If left to escalate, poor interpersonal communication skills and conflict can damage workplace morale, reduce productivity, increase absenteeism, and disrupt team work. Our "hands-on" customized case studies and group work allow employees to practise techniques for managing conflict. Our workshops provide orientation on Human Rights legislation, Health and Safety legislation and your organization's harassment and interpersonal conduct policies and procedures.
When employee conflicts do arise in the normal course of work or in the aftermath of disruptive incidents, Hertzberger HR Consulting provides third party mediation services to assist employees in working through their differences.
The transformative mediation model is used to focus on the relationship between the employees. This process empowers each party to express herself/ himself and to re-establish their connection with the other person. The premise is that, once the parties’ interests are clarified and the relationship is sorted out, the “issues” or “positions” tend to resolve themselves.
Steps in Mediation:
- Mark contacts each person by phone, introduces himself, and asks to meet individually. It is explained that this initial meeting is confidential and that there is no obligation to proceed further if they are not comfortable with the process.
- If there is agreement, Mark meets with each person to:
- hear their story (history of the relationship)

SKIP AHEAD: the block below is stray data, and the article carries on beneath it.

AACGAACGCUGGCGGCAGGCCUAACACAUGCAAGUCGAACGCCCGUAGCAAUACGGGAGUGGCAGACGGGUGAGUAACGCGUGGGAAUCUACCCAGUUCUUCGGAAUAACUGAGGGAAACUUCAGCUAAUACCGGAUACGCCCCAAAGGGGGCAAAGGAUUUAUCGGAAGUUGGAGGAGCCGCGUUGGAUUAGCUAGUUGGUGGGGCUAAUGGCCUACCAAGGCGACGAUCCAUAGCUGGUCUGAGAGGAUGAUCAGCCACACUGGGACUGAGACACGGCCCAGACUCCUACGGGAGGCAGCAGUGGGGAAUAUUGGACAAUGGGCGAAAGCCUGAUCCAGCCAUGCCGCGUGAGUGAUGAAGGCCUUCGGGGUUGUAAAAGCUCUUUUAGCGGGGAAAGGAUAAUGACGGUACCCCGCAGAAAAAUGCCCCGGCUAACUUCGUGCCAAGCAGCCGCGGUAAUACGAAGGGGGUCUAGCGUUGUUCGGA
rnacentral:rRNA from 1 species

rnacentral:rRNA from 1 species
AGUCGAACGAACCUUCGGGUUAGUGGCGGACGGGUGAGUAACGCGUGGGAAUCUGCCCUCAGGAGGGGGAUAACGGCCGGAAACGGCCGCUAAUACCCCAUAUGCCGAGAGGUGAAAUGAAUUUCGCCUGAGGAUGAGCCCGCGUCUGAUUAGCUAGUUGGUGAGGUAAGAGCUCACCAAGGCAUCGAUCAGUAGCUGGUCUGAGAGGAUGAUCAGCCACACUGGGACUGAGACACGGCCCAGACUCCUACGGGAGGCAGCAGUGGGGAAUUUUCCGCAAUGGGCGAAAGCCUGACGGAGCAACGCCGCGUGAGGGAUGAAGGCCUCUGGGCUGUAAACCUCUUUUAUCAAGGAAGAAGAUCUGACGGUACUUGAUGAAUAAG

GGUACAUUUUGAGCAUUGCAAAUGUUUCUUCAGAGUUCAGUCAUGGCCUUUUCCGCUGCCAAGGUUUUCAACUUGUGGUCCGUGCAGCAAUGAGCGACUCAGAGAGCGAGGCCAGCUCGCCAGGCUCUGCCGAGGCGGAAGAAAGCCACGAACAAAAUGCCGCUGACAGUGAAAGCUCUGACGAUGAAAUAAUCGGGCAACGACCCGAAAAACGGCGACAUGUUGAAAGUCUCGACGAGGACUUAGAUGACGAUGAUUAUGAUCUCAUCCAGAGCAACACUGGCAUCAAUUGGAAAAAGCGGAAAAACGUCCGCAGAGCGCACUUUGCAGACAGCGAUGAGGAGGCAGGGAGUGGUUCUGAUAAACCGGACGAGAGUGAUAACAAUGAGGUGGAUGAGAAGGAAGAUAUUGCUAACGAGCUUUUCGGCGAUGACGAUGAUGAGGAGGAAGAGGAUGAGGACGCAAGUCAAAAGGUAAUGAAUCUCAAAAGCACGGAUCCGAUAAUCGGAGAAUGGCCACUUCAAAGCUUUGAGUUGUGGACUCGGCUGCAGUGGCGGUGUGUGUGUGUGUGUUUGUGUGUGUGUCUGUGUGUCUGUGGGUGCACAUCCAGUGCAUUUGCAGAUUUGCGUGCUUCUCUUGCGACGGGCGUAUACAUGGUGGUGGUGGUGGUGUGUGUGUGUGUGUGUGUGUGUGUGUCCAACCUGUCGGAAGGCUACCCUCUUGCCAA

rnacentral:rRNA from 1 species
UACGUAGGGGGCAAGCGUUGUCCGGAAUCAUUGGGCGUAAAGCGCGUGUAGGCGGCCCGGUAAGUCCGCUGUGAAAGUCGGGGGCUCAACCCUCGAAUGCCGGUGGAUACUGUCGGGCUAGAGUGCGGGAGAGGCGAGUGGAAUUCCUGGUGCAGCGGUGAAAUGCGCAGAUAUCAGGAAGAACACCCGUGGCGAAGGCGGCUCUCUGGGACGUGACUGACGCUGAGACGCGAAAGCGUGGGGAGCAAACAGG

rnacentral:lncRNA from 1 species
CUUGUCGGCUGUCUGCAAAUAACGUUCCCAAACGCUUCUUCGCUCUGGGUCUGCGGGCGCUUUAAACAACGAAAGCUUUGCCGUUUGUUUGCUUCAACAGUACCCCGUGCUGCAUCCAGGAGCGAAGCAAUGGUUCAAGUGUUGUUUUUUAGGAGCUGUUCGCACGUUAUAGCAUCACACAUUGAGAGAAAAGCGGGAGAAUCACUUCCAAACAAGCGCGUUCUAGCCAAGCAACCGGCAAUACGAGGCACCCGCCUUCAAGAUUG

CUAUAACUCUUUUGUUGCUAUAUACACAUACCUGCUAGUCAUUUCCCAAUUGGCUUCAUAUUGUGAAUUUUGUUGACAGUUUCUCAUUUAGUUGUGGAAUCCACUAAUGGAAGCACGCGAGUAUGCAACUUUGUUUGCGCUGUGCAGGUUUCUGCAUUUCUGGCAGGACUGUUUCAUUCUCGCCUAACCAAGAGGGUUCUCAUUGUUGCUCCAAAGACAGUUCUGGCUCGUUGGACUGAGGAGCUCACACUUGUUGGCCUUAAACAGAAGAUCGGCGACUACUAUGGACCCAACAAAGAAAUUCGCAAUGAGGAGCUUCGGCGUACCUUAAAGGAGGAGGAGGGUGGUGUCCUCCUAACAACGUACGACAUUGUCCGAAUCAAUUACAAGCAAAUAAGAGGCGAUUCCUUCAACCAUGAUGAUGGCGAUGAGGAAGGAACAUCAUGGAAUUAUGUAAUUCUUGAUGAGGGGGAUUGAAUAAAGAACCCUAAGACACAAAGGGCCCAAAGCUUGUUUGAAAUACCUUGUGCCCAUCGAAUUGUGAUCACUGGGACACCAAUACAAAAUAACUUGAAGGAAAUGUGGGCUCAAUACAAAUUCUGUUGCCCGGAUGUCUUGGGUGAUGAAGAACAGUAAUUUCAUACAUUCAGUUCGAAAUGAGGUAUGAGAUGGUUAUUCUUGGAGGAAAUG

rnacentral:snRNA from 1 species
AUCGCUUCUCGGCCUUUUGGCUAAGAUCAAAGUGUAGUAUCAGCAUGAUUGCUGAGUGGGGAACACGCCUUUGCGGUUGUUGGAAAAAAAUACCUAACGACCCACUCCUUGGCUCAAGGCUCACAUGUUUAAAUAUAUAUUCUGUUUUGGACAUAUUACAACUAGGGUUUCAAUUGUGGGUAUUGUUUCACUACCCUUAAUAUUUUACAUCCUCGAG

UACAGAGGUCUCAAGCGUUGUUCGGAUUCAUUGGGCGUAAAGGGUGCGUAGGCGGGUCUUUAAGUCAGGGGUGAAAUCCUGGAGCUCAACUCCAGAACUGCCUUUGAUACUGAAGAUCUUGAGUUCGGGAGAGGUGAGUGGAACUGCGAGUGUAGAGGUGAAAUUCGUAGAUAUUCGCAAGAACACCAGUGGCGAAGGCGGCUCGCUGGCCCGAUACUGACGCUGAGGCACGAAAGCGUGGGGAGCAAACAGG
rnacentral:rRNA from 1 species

- hear what their needs are
- hear their concerns or fears
- explain the mediation process and the role of the mediator
- answer any questions about the process
- offer mediation, if appropriate
- If the parties agree to mediation, Mark arranges to meet together offsite with both individuals. At the beginning of the meeting, ground rules for discussion are agreed upon. Each individual then has the opportunity to describe the situation from their own perspective and to hear and understand the other person. Options for resolving the situation are identified and, with sincere effort on everyone’s part, a solution may be reached.
- Sometimes the parties agree that additional meetings are necessary to reach resolution.
Mark’s Role as Mediator:
It is explained to participants that the mediator’s role is to:
- facilitate the communication process (not to determine right from wrong).
- assist the parties to clarify their needs and understand one another
- assist them in exploring options for resolution (not to provide solutions.)
Employees involved in mediation require assurance that confidentiality will be maintained. If they believe that the content of their sessions may be relayed to third parties, they are unlikely to participate openly and fully in the process.
Often, however, employers request a progress report to determine if further intervention is needed. If this is the case, participants should be advised by the employer at the beginning of the process. It is recommended that the content of any mediation report be limited to answering the following general questions:
- Did both parties attend the meeting and participate in the discussion?
- Was a solution agreed upon?
- Are additional meetings required?
- Is there anything the employer can do to facilitate the agreed-upon solution?
During their sessions, participants will sometimes agree that certain information needs to be shared with the employer and request that the mediator convey these items. These may include questions about role clarity, work schedules, division of workload or other factors affecting the working relationship.